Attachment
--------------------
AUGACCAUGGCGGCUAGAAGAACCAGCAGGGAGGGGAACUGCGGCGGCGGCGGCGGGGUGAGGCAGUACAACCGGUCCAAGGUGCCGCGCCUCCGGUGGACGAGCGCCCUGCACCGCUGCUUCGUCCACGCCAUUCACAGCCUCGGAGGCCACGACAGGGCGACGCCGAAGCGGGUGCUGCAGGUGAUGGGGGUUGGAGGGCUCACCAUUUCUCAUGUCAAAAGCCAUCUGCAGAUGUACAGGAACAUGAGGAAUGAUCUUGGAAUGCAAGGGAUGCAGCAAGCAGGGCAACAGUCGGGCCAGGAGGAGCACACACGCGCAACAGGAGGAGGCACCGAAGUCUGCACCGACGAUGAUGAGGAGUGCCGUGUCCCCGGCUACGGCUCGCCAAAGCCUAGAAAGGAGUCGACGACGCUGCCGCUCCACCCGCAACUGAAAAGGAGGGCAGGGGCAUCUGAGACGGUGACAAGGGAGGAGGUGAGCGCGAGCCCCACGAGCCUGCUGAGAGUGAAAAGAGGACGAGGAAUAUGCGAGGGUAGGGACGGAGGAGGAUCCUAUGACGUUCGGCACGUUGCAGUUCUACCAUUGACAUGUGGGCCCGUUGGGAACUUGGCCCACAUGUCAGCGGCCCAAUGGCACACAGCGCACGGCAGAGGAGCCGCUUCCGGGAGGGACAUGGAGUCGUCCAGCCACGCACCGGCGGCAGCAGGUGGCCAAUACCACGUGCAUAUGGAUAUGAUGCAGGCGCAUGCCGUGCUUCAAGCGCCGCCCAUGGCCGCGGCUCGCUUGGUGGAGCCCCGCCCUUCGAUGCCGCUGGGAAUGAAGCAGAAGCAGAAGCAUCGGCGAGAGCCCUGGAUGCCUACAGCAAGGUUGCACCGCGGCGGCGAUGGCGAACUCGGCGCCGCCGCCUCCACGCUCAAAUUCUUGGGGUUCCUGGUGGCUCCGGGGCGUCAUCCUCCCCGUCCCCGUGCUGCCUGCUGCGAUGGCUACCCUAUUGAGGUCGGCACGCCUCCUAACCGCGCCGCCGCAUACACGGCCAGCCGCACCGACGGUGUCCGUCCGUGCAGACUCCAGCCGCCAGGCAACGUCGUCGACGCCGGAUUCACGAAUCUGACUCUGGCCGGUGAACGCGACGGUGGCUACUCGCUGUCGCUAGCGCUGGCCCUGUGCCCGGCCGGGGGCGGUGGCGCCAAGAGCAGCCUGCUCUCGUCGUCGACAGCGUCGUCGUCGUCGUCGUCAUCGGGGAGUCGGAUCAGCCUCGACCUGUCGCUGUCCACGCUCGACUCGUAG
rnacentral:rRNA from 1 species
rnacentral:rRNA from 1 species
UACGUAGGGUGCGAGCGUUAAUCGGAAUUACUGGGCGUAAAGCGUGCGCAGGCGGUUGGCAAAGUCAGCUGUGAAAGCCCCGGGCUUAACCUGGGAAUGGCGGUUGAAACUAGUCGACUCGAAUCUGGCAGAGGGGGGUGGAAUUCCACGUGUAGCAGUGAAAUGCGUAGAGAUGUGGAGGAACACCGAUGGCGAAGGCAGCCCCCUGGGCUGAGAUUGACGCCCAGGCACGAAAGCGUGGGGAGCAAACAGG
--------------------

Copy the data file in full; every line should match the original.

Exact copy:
AUGACCAUGGCGGCUAGAAGAACCAGCAGGGAGGGGAACUGCGGCGGCGGCGGCGGGGUGAGGCAGUACAACCGGUCCAAGGUGCCGCGCCUCCGGUGGACGAGCGCCCUGCACCGCUGCUUCGUCCACGCCAUUCACAGCCUCGGAGGCCACGACAGGGCGACGCCGAAGCGGGUGCUGCAGGUGAUGGGGGUUGGAGGGCUCACCAUUUCUCAUGUCAAAAGCCAUCUGCAGAUGUACAGGAACAUGAGGAAUGAUCUUGGAAUGCAAGGGAUGCAGCAAGCAGGGCAACAGUCGGGCCAGGAGGAGCACACACGCGCAACAGGAGGAGGCACCGAAGUCUGCACCGACGAUGAUGAGGAGUGCCGUGUCCCCGGCUACGGCUCGCCAAAGCCUAGAAAGGAGUCGACGACGCUGCCGCUCCACCCGCAACUGAAAAGGAGGGCAGGGGCAUCUGAGACGGUGACAAGGGAGGAGGUGAGCGCGAGCCCCACGAGCCUGCUGAGAGUGAAAAGAGGACGAGGAAUAUGCGAGGGUAGGGACGGAGGAGGAUCCUAUGACGUUCGGCACGUUGCAGUUCUACCAUUGACAUGUGGGCCCGUUGGGAACUUGGCCCACAUGUCAGCGGCCCAAUGGCACACAGCGCACGGCAGAGGAGCCGCUUCCGGGAGGGACAUGGAGUCGUCCAGCCACGCACCGGCGGCAGCAGGUGGCCAAUACCACGUGCAUAUGGAUAUGAUGCAGGCGCAUGCCGUGCUUCAAGCGCCGCCCAUGGCCGCGGCUCGCUUGGUGGAGCCCCGCCCUUCGAUGCCGCUGGGAAUGAAGCAGAAGCAGAAGCAUCGGCGAGAGCCCUGGAUGCCUACAGCAAGGUUGCACCGCGGCGGCGAUGGCGAACUCGGCGCCGCCGCCUCCACGCUCAAAUUCUUGGGGUUCCUGGUGGCUCCGGGGCGUCAUCCUCCCCGUCCCCGUGCUGCCUGCUGCGAUGGCUACCCUAUUGAGGUCGGCACGCCUCCUAACCGCGCCGCCGCAUACACGGCCAGCCGCACCGACGGUGUCCGUCCGUGCAGACUCCAGCCGCCAGGCAACGUCGUCGACGCCGGAUUCACGAAUCUGACUCUGGCCGGUGAACGCGACGGUGGCUACUCGCUGUCGCUAGCGCUGGCCCUGUGCCCGGCCGGGGGCGGUGGCGCCAAGAGCAGCCUGCUCUCGUCGUCGACAGCGUCGUCGUCGUCGUCGUCAUCGGGGAGUCGGAUCAGCCUCGACCUGUCGCUGUCCACGCUCGACUCGUAG
rnacentral:rRNA from 1 species
rnacentral:rRNA from 1 species
UACGUAGGGUGCGAGCGUUAAUCGGAAUUACUGGGCGUAAAGCGUGCGCAGGCGGUUGGCAAAGUCAGCUGUGAAAGCCCCGGGCUUAACCUGGGAAUGGCGGUUGAAACUAGUCGACUCGAAUCUGGCAGAGGGGGGUGGAAUUCCACGUGUAGCAGUGAAAUGCGUAGAGAUGUGGAGGAACACCGAUGGCGAAGGCAGCCCCCUGGGCUGAGAUUGACGCCCAGGCACGAAAGCGUGGGGAGCAAACAGG